There's no consensus on who might be the best pick, or whether the CEO should be an insider.

"Bank of America has a long culture of success and bringing an outsider could harm the morale and performance of the organization," Rochdale Securities analyst Richard Bove said.

Bove said Moynihan is probably the leading inside candidate because he heads its largest division.

Some shareholders, including those who called earlier this year for Lewis' ouster and a shakeup of the board, are likely to oppose a current executive as CEO.

Michael Garland, director of value strategies for CtW Investment Group, said none of the internal candidates has the ability to repair relationships with regulators. CtW is a minority shareholder and campaigned against Lewis before the annual meeting in April. At the meeting, shareholders voted to strip Lewis of his chairman's role, leaving him as the CEO.

Some analysts said an outside candidate could give the bank a fresh perspective.

Tony Plath, a finance professor at the University of North Carolina at Charlotte, said Montag, who joined the company from Merrill Lynch, has the international experience to help the bank with a potential global expansion.

Krawcheck joined the bank only recently as head of global wealth and investment management, yet her name pops up among discussions to replace Lewis as well. She previously ran Citigroup's retail brokerage business.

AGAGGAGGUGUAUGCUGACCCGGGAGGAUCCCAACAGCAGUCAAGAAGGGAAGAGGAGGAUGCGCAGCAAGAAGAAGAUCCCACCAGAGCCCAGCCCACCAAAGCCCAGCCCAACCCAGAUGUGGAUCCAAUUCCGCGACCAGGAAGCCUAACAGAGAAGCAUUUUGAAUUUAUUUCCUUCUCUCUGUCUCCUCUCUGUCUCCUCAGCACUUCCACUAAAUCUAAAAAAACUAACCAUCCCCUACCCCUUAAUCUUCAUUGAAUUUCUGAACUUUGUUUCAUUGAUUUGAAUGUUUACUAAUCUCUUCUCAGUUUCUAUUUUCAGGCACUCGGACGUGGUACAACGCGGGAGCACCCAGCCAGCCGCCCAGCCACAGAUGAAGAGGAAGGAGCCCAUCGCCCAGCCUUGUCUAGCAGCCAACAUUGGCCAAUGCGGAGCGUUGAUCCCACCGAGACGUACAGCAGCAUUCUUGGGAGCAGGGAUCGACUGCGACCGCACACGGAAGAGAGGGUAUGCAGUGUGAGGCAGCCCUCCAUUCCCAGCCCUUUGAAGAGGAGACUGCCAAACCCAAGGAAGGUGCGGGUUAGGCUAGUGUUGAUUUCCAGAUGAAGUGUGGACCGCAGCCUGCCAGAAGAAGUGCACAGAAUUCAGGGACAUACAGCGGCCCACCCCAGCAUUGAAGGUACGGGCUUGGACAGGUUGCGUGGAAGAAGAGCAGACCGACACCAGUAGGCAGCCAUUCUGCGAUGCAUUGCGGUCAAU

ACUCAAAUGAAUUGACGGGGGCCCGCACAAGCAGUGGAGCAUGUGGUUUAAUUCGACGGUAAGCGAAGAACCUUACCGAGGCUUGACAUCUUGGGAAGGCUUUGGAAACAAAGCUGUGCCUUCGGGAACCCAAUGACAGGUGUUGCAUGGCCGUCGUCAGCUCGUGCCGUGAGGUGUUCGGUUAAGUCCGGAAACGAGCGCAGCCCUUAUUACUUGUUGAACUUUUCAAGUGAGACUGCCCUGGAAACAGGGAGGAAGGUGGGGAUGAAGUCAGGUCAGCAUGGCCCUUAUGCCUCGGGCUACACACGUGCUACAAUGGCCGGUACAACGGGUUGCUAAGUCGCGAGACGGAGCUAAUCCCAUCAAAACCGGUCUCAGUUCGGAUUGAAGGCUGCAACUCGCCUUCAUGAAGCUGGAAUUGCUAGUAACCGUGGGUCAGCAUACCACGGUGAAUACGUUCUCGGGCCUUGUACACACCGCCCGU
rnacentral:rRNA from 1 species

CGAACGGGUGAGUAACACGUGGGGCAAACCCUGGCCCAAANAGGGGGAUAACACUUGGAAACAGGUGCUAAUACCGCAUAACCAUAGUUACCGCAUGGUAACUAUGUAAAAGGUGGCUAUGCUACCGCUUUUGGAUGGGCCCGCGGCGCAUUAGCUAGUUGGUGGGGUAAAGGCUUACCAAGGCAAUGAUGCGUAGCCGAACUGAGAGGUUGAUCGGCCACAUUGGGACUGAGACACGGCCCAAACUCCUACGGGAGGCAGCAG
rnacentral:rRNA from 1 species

De Molina could provide a compromise for investors looking for an outside source, while satisfying those who want someone familiar with the bank. He has been at GMAC for more than a year after working 17 years at Bank of America.

Steel was CEO of Wachovia for a short time before it was sold to Wells Fargo & Co. after spending most of his career at Goldman Sachs Group Inc.

Credit Sights analyst David Hendler said Winters, who was a co-CEO at JPMorgan Chase's investment bank, has a strong reputation in that sector but lacks the experience on the consumer banking side that is Bank of America's biggest operations.

Kovacevich, who is also a former Wells Fargo CEO, announced last week he'd retire at the end of the year having reached the bank's mandatory retirement age of 65.

Copyright 2009 The Associated Press. All rights reserved. This material may not be published, broadcast, rewritten or redistributed.